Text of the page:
Elderly Care near Marina Del Rey, CA – Helping the Loved One with Osteoporosis
There are some startling statistics about osteoporosis. For people over the age of 50 years, half of the women will break a bone as a result of osteoporosis and one fourth of the men will do the same. In other words, this is a very important health issue to be aware of so that you know how to help someone avoid it and how to help someone deal with it if it does arise.
It’s difficult to diagnose because it’s a painless disease. You can’t really feel that your bones are getting thinner; you only know it after the fact, once a fracture occurs. Once your elderly loved one has been diagnosed, there are some things you can do to help them with their treatment program.
First and most importantly, help them follow their doctor’s treatment plan. There will be medications and dietary supplements and an exercise plan to follow. The doctor may also recommend a bone-healthy diet. Each element of the treatment plan is essential but it’s even more important to follow them all as they complement each other.
If it’s difficult for your elderly loved one to maintain their exercise program, consider getting her an elder care provider. This is a caregiver who can not only assist her with an exercise plan, they can also do some of the daily tasks of living that have become difficult for your parent; for example fixing nutritious meals that will bring health to their body.
Before your loved one starts an exercise plan, they should:
- Check with their doctor and make sure it’s appropriately matched to their physical condition. There may also be a physical therapist involved, and in that case they can help your loved one know how to individualize an exercise plan.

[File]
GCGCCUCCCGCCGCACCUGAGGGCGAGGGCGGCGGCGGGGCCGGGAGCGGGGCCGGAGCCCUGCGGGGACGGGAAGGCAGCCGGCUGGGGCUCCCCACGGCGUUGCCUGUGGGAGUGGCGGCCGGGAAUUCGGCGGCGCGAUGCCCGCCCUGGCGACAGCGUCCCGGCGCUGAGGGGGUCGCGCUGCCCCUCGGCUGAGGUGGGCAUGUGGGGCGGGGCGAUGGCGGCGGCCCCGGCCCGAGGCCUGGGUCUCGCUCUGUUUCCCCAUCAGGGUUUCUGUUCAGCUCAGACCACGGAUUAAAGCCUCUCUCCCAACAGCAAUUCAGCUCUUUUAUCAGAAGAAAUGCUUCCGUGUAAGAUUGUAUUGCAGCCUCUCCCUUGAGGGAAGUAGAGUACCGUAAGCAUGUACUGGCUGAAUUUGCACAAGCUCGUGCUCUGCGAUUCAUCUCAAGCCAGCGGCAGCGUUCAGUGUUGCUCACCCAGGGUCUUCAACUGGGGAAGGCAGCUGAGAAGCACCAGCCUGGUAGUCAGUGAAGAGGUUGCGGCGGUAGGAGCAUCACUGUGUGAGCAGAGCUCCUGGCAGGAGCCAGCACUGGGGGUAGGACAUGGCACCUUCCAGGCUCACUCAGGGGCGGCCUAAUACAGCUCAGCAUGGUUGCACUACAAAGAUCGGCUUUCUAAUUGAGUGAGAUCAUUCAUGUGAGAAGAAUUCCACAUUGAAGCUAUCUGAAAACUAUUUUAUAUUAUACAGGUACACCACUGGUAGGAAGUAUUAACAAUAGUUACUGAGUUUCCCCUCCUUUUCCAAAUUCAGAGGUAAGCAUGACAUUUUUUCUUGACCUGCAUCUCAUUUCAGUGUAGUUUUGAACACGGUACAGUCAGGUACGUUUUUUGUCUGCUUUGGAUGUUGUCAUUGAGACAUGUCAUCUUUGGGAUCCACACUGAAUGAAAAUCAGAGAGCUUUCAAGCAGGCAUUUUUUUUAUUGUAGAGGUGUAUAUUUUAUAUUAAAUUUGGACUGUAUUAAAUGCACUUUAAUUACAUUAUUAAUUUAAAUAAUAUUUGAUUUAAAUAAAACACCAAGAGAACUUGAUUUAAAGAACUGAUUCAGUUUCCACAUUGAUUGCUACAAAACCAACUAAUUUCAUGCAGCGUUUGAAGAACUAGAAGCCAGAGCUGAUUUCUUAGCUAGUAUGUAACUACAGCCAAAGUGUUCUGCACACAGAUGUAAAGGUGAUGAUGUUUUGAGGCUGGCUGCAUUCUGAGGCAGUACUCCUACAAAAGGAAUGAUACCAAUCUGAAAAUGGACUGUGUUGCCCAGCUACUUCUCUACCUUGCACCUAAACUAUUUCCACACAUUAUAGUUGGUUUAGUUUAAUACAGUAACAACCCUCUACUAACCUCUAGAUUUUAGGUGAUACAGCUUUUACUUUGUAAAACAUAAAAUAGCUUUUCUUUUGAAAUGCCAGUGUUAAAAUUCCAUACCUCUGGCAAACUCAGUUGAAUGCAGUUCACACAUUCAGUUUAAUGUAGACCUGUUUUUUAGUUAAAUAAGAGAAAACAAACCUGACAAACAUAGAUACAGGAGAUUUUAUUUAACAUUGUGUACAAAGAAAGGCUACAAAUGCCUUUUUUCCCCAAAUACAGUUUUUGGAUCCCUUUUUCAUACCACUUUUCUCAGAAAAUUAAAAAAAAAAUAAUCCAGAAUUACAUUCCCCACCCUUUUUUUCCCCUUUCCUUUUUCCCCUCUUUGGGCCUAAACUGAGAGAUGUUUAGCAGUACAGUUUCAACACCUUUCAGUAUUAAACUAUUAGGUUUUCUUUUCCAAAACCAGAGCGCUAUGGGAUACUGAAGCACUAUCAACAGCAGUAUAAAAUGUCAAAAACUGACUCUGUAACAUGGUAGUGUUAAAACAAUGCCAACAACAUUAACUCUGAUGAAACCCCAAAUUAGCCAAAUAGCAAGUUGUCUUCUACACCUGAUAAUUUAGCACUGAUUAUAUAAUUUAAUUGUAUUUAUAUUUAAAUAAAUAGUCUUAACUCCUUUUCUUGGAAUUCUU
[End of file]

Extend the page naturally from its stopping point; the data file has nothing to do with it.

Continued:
- Start slow at first and then increase the level of physical activity as time goes by. At first they may want to consider working out in the water for some resistance but also to cushion the impact a little until they get used to it. Bicycling on a stationary bike is good for the legs and resistance training with some weights will help the arms and back. They should all be done with supervision.
- Interject some variety. It’s good to work different muscles and bones each time. Stretch cords or light hand weights can be used at home; walking or biking can be done for a change, and flexibility exercises such as pilates, tai chi, or yoga are also good exercises for them to do.
- Diet plays a key role. They will need good nutrition for carrying out the exercise program as well as building up the strength and health of their bones. Calcium and magnesium together with some vitamin D are essential for bone health. Broccoli, almonds, leafy vegetables such as spinach, almonds and some dairy products are all good sources of nutrients.
However, if you consider the points raise here today, you’ll have a better idea of when it’s time for in-home care.
And, if you have any follow-up questions, please contact us (310) 400-6869…we are always here to assist…You are Important to Us!
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Caregiving for You, Inc.